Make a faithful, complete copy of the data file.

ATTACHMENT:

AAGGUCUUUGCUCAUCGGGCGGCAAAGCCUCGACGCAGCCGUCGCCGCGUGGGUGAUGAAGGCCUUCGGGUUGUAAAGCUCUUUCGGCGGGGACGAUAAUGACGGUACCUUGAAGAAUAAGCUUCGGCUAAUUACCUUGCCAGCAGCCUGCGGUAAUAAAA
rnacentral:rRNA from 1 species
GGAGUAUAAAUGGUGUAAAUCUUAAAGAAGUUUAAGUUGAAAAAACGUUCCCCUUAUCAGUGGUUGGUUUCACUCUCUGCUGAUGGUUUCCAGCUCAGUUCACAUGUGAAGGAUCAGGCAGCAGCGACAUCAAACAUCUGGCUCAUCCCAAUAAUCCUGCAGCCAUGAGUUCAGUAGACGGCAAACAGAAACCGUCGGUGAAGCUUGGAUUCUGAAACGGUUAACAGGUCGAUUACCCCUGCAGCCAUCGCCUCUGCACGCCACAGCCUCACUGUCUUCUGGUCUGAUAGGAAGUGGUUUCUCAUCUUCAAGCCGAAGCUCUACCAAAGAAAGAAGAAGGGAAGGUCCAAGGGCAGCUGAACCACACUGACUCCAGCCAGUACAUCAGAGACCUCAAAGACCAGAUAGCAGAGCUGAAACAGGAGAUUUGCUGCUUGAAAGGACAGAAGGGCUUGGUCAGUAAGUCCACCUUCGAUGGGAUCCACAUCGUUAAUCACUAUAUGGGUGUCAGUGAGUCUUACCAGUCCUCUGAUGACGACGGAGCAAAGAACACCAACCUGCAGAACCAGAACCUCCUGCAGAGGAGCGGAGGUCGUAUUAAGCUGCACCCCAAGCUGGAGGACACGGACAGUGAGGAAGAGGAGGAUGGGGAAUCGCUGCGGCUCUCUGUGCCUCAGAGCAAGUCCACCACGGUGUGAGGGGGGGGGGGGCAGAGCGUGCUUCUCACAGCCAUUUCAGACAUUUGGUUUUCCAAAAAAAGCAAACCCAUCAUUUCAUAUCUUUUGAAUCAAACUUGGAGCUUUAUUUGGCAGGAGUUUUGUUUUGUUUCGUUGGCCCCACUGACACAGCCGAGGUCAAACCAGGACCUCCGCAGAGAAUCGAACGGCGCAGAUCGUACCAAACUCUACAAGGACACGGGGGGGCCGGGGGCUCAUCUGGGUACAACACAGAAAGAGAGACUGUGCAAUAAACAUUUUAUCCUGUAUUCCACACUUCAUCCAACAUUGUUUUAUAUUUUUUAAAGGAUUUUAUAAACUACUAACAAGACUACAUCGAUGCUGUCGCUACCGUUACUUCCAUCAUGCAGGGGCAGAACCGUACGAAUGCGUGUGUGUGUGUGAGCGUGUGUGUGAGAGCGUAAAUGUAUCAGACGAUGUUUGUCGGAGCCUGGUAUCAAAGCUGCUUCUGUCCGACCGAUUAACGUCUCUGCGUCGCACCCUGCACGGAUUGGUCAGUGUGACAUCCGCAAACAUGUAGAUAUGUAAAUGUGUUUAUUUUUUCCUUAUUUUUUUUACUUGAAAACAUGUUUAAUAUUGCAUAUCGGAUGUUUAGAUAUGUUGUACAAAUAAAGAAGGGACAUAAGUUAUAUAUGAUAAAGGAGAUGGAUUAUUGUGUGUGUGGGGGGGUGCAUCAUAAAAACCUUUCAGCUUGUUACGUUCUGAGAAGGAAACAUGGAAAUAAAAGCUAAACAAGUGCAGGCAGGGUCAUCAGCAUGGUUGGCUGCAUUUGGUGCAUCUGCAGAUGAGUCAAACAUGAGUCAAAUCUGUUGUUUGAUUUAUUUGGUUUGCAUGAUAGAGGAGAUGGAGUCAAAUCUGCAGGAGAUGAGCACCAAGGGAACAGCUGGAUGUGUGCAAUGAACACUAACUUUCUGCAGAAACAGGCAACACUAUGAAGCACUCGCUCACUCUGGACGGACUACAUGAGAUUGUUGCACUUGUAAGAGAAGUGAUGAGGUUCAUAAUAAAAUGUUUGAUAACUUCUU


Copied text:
AAGGUCUUUGCUCAUCGGGCGGCAAAGCCUCGACGCAGCCGUCGCCGCGUGGGUGAUGAAGGCCUUCGGGUUGUAAAGCUCUUUCGGCGGGGACGAUAAUGACGGUACCUUGAAGAAUAAGCUUCGGCUAAUUACCUUGCCAGCAGCCUGCGGUAAUAAAA
rnacentral:rRNA from 1 species
GGAGUAUAAAUGGUGUAAAUCUUAAAGAAGUUUAAGUUGAAAAAACGUUCCCCUUAUCAGUGGUUGGUUUCACUCUCUGCUGAUGGUUUCCAGCUCAGUUCACAUGUGAAGGAUCAGGCAGCAGCGACAUCAAACAUCUGGCUCAUCCCAAUAAUCCUGCAGCCAUGAGUUCAGUAGACGGCAAACAGAAACCGUCGGUGAAGCUUGGAUUCUGAAACGGUUAACAGGUCGAUUACCCCUGCAGCCAUCGCCUCUGCACGCCACAGCCUCACUGUCUUCUGGUCUGAUAGGAAGUGGUUUCUCAUCUUCAAGCCGAAGCUCUACCAAAGAAAGAAGAAGGGAAGGUCCAAGGGCAGCUGAACCACACUGACUCCAGCCAGUACAUCAGAGACCUCAAAGACCAGAUAGCAGAGCUGAAACAGGAGAUUUGCUGCUUGAAAGGACAGAAGGGCUUGGUCAGUAAGUCCACCUUCGAUGGGAUCCACAUCGUUAAUCACUAUAUGGGUGUCAGUGAGUCUUACCAGUCCUCUGAUGACGACGGAGCAAAGAACACCAACCUGCAGAACCAGAACCUCCUGCAGAGGAGCGGAGGUCGUAUUAAGCUGCACCCCAAGCUGGAGGACACGGACAGUGAGGAAGAGGAGGAUGGGGAAUCGCUGCGGCUCUCUGUGCCUCAGAGCAAGUCCACCACGGUGUGAGGGGGGGGGGGGCAGAGCGUGCUUCUCACAGCCAUUUCAGACAUUUGGUUUUCCAAAAAAAGCAAACCCAUCAUUUCAUAUCUUUUGAAUCAAACUUGGAGCUUUAUUUGGCAGGAGUUUUGUUUUGUUUCGUUGGCCCCACUGACACAGCCGAGGUCAAACCAGGACCUCCGCAGAGAAUCGAACGGCGCAGAUCGUACCAAACUCUACAAGGACACGGGGGGGCCGGGGGCUCAUCUGGGUACAACACAGAAAGAGAGACUGUGCAAUAAACAUUUUAUCCUGUAUUCCACACUUCAUCCAACAUUGUUUUAUAUUUUUUAAAGGAUUUUAUAAACUACUAACAAGACUACAUCGAUGCUGUCGCUACCGUUACUUCCAUCAUGCAGGGGCAGAACCGUACGAAUGCGUGUGUGUGUGUGAGCGUGUGUGUGAGAGCGUAAAUGUAUCAGACGAUGUUUGUCGGAGCCUGGUAUCAAAGCUGCUUCUGUCCGACCGAUUAACGUCUCUGCGUCGCACCCUGCACGGAUUGGUCAGUGUGACAUCCGCAAACAUGUAGAUAUGUAAAUGUGUUUAUUUUUUCCUUAUUUUUUUUACUUGAAAACAUGUUUAAUAUUGCAUAUCGGAUGUUUAGAUAUGUUGUACAAAUAAAGAAGGGACAUAAGUUAUAUAUGAUAAAGGAGAUGGAUUAUUGUGUGUGUGGGGGGGUGCAUCAUAAAAACCUUUCAGCUUGUUACGUUCUGAGAAGGAAACAUGGAAAUAAAAGCUAAACAAGUGCAGGCAGGGUCAUCAGCAUGGUUGGCUGCAUUUGGUGCAUCUGCAGAUGAGUCAAACAUGAGUCAAAUCUGUUGUUUGAUUUAUUUGGUUUGCAUGAUAGAGGAGAUGGAGUCAAAUCUGCAGGAGAUGAGCACCAAGGGAACAGCUGGAUGUGUGCAAUGAACACUAACUUUCUGCAGAAACAGGCAACACUAUGAAGCACUCGCUCACUCUGGACGGACUACAUGAGAUUGUUGCACUUGUAAGAGAAGUGAUGAGGUUCAUAAUAAAAUGUUUGAUAACUUCUU